Lori's Blog

Are Your Job Postings Doing Their Job?

job postings
Young people looking at job postings on their phones

What you’re relying on the most to pull in quality job candidates might in fact be doing the opposite of what you want it to do. It’s your job posting. To find out if you’re totally misusing your job postings, ask yourself if you’re doing this -

  • Does your job posting a click through to a pdf?
  • Does your job posting link directly to your applicant portal instead of a page on your website?
  • Are you using your internal job description as your job posting?

If you answered “yes” to any of these questions, then you’re missing out on the real purpose of your job postings.

Your Job Posting’s Job

The purpose of your job posting (it’s job) is to attract people to your jobs and convert their interest into an action. For the action to happen, you need an emotional reaction like –

  • That sounds like me
  • I want to work there
  • This is what I’ve been looking for
  • I would change jobs for this!

Your internal job description isn’t likely to get that response. In fact, advertising your full job description might be getting you more of the wrong candidates because it’s so dry and detailed that no one is reading it.

Why You Do What You’ve Always Done

If you’ve always used your internal job descriptions for your postings, it’s time to ask yourself why.

It could be that this is what you’ve always done. It could be that you don’t have a good writer at your disposal. It could be that you don’t know what you should write. It could also be that someone at some time thought that using the full job description would weed out unqualified candidates when it’s probably doing the opposite.

How to Reframe Your Job Postings

Your job postings are marketing messages. That means that the first thing you need to do is to flip your perspective from having them be all about what you want, to more about what the job seeker is looking for and what’s going to motivate them to change their status quo.

Here are some ideas to help you create more compelling job descriptions.

Change Your Tone

Job descriptions are usually written in a very formal tone. Write your job postings in a conversational style, like you were telling someone all about the job.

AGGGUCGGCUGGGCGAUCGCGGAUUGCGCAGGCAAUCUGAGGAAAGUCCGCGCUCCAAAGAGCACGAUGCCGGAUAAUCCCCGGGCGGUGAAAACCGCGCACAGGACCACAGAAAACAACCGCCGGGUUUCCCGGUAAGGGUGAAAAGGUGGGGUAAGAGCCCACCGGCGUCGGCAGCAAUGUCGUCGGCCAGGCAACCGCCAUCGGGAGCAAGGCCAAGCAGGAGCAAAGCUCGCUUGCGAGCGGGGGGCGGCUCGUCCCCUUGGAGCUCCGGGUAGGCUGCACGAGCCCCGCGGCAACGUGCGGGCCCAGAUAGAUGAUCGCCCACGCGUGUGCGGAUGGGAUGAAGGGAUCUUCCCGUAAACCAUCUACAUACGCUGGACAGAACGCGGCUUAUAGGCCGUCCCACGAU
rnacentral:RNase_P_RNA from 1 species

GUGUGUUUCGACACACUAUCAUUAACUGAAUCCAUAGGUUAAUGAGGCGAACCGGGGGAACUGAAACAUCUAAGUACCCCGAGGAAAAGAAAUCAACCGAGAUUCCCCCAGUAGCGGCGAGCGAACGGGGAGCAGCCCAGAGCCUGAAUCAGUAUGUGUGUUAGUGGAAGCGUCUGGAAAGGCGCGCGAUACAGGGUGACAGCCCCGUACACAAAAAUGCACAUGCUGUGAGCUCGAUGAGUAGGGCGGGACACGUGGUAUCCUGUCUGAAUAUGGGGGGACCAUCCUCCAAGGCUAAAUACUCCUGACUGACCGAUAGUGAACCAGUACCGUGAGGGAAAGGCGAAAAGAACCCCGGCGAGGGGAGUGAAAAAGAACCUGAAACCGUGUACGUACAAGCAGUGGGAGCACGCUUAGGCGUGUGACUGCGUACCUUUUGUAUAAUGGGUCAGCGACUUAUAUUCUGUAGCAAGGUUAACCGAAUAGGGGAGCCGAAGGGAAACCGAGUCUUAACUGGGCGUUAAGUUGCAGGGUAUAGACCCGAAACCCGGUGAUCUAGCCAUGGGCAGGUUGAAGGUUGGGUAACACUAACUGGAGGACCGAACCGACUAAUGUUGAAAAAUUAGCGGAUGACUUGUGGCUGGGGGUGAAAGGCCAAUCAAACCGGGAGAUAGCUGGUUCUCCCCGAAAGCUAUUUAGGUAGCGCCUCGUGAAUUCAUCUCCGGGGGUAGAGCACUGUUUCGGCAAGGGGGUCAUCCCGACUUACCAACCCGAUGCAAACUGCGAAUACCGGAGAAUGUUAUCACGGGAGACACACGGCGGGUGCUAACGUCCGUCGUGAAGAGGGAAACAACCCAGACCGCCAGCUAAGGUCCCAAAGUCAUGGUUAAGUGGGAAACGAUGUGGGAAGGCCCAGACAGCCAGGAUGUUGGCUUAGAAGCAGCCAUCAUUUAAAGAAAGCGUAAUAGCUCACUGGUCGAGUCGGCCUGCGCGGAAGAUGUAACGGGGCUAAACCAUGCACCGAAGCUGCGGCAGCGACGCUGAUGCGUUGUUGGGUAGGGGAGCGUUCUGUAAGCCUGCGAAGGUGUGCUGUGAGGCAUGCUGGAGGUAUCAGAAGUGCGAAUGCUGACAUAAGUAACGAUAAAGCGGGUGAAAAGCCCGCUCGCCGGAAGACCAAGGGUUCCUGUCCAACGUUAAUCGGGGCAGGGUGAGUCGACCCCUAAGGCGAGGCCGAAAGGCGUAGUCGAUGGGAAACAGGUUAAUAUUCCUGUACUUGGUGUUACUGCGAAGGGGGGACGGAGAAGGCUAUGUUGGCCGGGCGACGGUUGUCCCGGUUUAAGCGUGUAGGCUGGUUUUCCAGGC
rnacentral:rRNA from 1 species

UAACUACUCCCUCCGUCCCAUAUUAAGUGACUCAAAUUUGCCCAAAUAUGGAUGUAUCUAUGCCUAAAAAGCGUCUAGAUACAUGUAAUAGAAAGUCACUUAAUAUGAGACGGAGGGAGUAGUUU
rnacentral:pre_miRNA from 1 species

Paint a Picture

You’ll help job candidates imagine themselves working at your company if you’re more descriptive about exactly what the job is like and where they’ll be working.

Replace Jargon

Be sensitive to the vocabulary that your target job candidate uses. Stumbling over words doesn’t make people feel capable. Erasing jargon also makes the text more skimable.

Avoid Worthless Words

What does “excellent communication skills” really mean? How about “dependable” or “self-motivated?” Think about how you can describe attributes with examples of activities that will come up in the job duties.

Communicate “What’s in it for me?”

While wages, salary and benefits definitely play an important part in a person’s choice to accept a job offer, the more you communicate your employer value proposition, the more opportunity you have to speak to candidates’ motivation for changing jobs.

Answer Questions

Help candidates select and de-select themselves by answering top questions in your job posting. These could be about the opportunity to work remotely, the possibility of a flexible schedule, or expectations for working overtime, or anything else that’s you’ve discovered is a deal-breaker for candidates.

Make Your Posting Searchable

Find out what words people are really using to search for jobs like yours then optimize each job posting page for those words and your location.

Provide a Good Website Experience

No pdfs. No tables that aren’t mobile optimized. In fact, everything should be mobile optimized and up to date. (When’s the last time you updated your website?) If you don’t know what kind of website experience you’re offering right now, just go to your website and pretend that you’re a job seeker and see what it’s like to move around your website. Try out your online application process and see if it’s easy or frustrating.

Call People to Action

The content on your job posting is supposed to lead to one thing if what you’re describing resonates with the job seeker  and that’s an application. So make sure that the “Apply” step is easy to see and it works.

Offer a Secondary Call to Action

Provide a secondary action for people who are interested but not ready to apply or who have a question. Sometimes a job move is all about timing so give people a way to keep in touch.

Stop Wasting Your Job Postings

Your job posting is just one piece of the candidate journey but for many companies it’s the ONLY thing they’re relying on to meet their recruiting goals. Fortunately, the words you need to turn your job postings into the marketing tools that they’re supposed to be are out there. You just need someone to put them together.

Contact me to explore how I can help you find the right words, and also help you uncover and share the stories that will set you apart from the other companies competing for the same labor.

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